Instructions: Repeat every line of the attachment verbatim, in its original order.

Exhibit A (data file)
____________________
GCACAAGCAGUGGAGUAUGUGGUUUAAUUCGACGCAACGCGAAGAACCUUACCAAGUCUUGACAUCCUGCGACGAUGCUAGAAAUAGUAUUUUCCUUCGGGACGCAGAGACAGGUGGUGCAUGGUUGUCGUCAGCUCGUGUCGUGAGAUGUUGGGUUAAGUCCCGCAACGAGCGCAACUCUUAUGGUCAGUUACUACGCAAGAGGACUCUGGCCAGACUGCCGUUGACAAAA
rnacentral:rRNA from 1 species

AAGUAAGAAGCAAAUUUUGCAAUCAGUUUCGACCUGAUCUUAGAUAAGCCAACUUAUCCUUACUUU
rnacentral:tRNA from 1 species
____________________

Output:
GCACAAGCAGUGGAGUAUGUGGUUUAAUUCGACGCAACGCGAAGAACCUUACCAAGUCUUGACAUCCUGCGACGAUGCUAGAAAUAGUAUUUUCCUUCGGGACGCAGAGACAGGUGGUGCAUGGUUGUCGUCAGCUCGUGUCGUGAGAUGUUGGGUUAAGUCCCGCAACGAGCGCAACUCUUAUGGUCAGUUACUACGCAAGAGGACUCUGGCCAGACUGCCGUUGACAAAA
rnacentral:rRNA from 1 species

AAGUAAGAAGCAAAUUUUGCAAUCAGUUUCGACCUGAUCUUAGAUAAGCCAACUUAUCCUUACUUU
rnacentral:tRNA from 1 species